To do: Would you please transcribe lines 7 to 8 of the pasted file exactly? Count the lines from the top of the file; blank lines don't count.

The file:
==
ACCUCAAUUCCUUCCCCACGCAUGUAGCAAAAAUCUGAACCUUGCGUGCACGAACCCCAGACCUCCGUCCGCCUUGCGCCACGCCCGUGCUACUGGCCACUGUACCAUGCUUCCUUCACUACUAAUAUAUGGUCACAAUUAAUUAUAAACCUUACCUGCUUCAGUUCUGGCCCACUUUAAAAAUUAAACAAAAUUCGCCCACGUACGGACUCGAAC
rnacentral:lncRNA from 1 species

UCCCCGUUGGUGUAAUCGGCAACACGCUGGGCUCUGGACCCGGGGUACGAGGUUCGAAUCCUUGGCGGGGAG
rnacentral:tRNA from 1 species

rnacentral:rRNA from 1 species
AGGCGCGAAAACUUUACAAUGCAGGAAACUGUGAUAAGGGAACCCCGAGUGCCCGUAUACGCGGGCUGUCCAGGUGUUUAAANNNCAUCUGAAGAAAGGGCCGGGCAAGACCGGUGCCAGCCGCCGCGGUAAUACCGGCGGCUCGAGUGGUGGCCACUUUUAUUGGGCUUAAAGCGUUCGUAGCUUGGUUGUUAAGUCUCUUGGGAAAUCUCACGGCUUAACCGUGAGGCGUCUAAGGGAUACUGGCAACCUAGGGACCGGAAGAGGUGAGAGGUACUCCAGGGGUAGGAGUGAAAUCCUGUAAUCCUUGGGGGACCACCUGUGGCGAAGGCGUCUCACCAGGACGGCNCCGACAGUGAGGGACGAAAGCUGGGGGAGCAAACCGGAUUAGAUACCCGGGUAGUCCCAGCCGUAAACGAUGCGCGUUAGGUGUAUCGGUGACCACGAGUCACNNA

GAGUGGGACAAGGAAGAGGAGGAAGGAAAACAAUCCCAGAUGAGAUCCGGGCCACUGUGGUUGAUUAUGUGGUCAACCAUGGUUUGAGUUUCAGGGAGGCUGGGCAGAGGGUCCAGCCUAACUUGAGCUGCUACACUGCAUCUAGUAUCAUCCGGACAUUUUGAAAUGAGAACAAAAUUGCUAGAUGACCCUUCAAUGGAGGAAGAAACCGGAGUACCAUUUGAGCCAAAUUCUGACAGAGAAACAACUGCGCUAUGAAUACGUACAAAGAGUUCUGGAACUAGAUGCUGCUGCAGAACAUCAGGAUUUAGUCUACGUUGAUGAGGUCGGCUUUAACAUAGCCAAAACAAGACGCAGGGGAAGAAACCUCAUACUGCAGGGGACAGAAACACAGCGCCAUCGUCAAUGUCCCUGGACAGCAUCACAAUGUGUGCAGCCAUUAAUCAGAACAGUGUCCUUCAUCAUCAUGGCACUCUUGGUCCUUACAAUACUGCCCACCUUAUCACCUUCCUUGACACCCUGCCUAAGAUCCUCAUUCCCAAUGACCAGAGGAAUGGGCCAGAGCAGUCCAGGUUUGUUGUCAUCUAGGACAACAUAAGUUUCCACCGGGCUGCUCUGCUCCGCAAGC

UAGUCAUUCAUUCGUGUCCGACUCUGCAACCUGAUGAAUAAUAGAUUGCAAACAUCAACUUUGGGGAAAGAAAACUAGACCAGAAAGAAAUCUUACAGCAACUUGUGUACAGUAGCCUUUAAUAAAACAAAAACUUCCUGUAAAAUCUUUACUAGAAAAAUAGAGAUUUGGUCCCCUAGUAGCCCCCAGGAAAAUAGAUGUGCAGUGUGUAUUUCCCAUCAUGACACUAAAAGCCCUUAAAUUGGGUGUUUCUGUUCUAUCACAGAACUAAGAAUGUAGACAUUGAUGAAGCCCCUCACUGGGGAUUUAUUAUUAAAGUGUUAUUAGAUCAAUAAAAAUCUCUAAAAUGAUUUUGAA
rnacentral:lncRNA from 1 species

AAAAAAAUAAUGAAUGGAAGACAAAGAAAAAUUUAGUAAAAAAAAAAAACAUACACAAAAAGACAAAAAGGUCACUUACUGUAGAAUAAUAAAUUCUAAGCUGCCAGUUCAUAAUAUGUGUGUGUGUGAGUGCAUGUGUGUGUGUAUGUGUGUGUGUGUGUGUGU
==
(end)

GAGUGGGACAAGGAAGAGGAGGAAGGAAAACAAUCCCAGAUGAGAUCCGGGCCACUGUGGUUGAUUAUGUGGUCAACCAUGGUUUGAGUUUCAGGGAGGCUGGGCAGAGGGUCCAGCCUAACUUGAGCUGCUACACUGCAUCUAGUAUCAUCCGGACAUUUUGAAAUGAGAACAAAAUUGCUAGAUGACCCUUCAAUGGAGGAAGAAACCGGAGUACCAUUUGAGCCAAAUUCUGACAGAGAAACAACUGCGCUAUGAAUACGUACAAAGAGUUCUGGAACUAGAUGCUGCUGCAGAACAUCAGGAUUUAGUCUACGUUGAUGAGGUCGGCUUUAACAUAGCCAAAACAAGACGCAGGGGAAGAAACCUCAUACUGCAGGGGACAGAAACACAGCGCCAUCGUCAAUGUCCCUGGACAGCAUCACAAUGUGUGCAGCCAUUAAUCAGAACAGUGUCCUUCAUCAUCAUGGCACUCUUGGUCCUUACAAUACUGCCCACCUUAUCACCUUCCUUGACACCCUGCCUAAGAUCCUCAUUCCCAAUGACCAGAGGAAUGGGCCAGAGCAGUCCAGGUUUGUUGUCAUCUAGGACAACAUAAGUUUCCACCGGGCUGCUCUGCUCCGCAAGC

UAGUCAUUCAUUCGUGUCCGACUCUGCAACCUGAUGAAUAAUAGAUUGCAAACAUCAACUUUGGGGAAAGAAAACUAGACCAGAAAGAAAUCUUACAGCAACUUGUGUACAGUAGCCUUUAAUAAAACAAAAACUUCCUGUAAAAUCUUUACUAGAAAAAUAGAGAUUUGGUCCCCUAGUAGCCCCCAGGAAAAUAGAUGUGCAGUGUGUAUUUCCCAUCAUGACACUAAAAGCCCUUAAAUUGGGUGUUUCUGUUCUAUCACAGAACUAAGAAUGUAGACAUUGAUGAAGCCCCUCACUGGGGAUUUAUUAUUAAAGUGUUAUUAGAUCAAUAAAAAUCUCUAAAAUGAUUUUGAA